Creative Control

Miscellaneous Mental Musings of an Emerging Artist

The price of awareness is your optimism.

flagparade

On July 4th, as I have done for the past few years, I accompanied Dana to the Independence Day Parade and Craft Fair in her hometown of Hinsdale, Illinois. The parade is a tradition of hers dating way, way back into her early childhood. I don’t have any such attachment to the similar festivities in my own home suburb of Downers Grove, Illinois, so I figure I might as well go along with her and observe the miles-long extravaganza of high school athletics, vintage fire engines, and American iconography walking around on stilts.

Even when I’m feeling pessimism about the current state of our union, I have been able, in past years, to suppress that enough to enjoy the outpouring of patriotism, to take small comfort in the wide eyed innocence of grade schoolers grabbing for free candy or other small items handed out by parade participants.

This year I just couldn’t do it. This year, as car after car of complacent suburban Republican politician elbow-elbow-wrist-wristed past, the bleakness of my mood slowly crept out and laminated me, and after half an hour, I was less interested in suppressing pessimism and more focused on suppressing shouts of anguish and revolt.

My discomfort in the whitest parts of suburbia increases exponentially at times like these. I found myself wishing dearly for a burst of telepathic power, to spend the rest of the parade jumping from mind to mind, afraid of hearing thoughts like Damn right we’re the greatest country EVAR…I hope we nuke those Iraqis for killing our troops. And maybe we’ll send the gays and the liberals into the strike zone as well.

And it’s not that I have any proof that such hate festers in the hearts and minds of any of the people at the parade that day. But my suspicion and paranoia is not unwarranted, so it annoys me.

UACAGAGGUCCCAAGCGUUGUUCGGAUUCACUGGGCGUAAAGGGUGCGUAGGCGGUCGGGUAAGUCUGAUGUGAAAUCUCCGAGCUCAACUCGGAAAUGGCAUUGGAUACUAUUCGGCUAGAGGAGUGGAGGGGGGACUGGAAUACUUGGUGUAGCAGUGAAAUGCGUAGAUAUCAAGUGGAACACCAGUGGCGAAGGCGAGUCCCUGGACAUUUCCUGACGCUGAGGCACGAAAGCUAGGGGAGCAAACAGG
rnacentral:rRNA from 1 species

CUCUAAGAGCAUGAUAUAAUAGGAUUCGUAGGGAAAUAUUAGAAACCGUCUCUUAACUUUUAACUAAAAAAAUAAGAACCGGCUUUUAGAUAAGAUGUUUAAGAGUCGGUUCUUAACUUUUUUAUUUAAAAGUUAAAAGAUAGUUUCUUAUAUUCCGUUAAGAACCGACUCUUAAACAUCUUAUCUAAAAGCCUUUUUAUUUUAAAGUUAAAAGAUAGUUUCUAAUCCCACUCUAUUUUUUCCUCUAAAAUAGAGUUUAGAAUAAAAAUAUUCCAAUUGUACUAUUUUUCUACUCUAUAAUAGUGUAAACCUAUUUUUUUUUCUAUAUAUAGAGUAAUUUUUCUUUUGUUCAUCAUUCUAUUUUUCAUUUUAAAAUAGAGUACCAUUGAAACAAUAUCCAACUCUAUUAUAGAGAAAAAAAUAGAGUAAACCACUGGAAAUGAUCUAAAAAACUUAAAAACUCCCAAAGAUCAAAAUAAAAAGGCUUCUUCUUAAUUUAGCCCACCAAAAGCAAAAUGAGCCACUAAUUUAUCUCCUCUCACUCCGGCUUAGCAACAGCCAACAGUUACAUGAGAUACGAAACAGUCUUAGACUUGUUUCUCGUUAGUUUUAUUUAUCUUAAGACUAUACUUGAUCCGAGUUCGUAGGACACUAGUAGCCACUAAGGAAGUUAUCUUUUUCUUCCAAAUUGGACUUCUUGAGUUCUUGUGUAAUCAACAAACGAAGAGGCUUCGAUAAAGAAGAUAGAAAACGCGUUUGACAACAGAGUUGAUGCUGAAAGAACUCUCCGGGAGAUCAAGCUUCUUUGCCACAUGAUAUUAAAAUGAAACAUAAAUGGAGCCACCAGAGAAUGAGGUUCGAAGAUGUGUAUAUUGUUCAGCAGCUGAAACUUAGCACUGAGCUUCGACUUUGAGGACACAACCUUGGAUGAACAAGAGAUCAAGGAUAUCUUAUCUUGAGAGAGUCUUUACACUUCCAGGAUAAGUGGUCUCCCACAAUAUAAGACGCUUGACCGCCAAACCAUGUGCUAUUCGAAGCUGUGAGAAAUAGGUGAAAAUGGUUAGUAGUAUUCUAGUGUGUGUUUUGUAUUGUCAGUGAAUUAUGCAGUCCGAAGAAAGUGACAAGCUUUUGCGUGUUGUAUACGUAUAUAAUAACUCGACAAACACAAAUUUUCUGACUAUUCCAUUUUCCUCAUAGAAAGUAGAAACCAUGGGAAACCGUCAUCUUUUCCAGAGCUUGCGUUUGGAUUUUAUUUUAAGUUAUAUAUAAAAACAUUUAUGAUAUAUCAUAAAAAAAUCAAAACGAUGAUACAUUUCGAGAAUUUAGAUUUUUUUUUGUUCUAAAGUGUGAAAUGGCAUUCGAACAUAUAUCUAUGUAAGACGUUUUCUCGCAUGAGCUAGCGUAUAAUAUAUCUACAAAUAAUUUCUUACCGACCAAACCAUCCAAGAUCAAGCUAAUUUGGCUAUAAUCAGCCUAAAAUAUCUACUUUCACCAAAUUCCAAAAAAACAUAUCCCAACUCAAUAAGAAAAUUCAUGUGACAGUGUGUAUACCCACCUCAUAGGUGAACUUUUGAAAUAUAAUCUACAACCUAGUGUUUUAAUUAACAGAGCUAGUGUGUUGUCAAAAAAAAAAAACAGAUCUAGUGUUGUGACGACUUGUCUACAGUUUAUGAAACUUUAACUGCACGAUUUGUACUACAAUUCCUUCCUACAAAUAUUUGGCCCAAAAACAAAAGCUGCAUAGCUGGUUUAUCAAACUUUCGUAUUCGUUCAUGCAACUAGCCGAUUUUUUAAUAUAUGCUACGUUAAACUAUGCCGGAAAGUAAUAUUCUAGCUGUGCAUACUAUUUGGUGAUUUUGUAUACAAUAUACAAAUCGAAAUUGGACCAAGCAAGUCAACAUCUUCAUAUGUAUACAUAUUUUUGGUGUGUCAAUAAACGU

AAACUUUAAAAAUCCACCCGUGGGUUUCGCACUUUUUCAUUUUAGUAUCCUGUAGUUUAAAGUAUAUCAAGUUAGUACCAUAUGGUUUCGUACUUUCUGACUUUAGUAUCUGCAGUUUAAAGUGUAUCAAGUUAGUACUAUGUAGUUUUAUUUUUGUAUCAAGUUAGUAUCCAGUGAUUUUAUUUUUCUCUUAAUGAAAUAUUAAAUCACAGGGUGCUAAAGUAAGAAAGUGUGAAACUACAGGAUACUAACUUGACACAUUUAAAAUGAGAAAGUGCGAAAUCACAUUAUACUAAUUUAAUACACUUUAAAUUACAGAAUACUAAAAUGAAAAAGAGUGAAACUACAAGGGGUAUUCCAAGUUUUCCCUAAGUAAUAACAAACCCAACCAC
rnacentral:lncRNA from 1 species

I’m now less than a month away from the completion of my marriage procedures, including both the Muslim ceremony and the secular white wedding. And I think something that all the books fail to mention amidst the byzantine etiquette laws about invitations and the coy money-saving suggestions; what they fail to mention is that as your wedding approaches you should probably stop watching the news.

It’s not just that Ignorance Is Bliss, you see, it’s that Bliss Needs Ignorance.

Because I surf through CNN and NPR and the blogs and the copy of the Sun-Times that’s in the break room everyday, and when I’m not wary of it, or maybe just when it’s been rainy all week, I become inundated not just with a sense of depression, but with a sense of surrender.

In a month, I expect that I may be happier than I have been in my entire life. But what right do I have to that happiness, and what assurance do I have, and is it worth attempting to attain such peaks when it seems that there is an ever-growing chance that you will be tossed off that peak, harshly, breaking every bone on the way down while the vultures circle high above and place orders with the maitre’d?

Why does one try to be happy, when at any random moment poor tunnel construction, or self-centered fundamentalists, or aggressive government policies, or little more than bored sociopaths can take that away from you?

I already know that the answer to this highly existentialist question is that “Because the alternative is no way to live.”

But knowing the answer doesn’t make the question any easier.

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This entry was posted on July 14, 2006 by in History, Love, Politics, Society.
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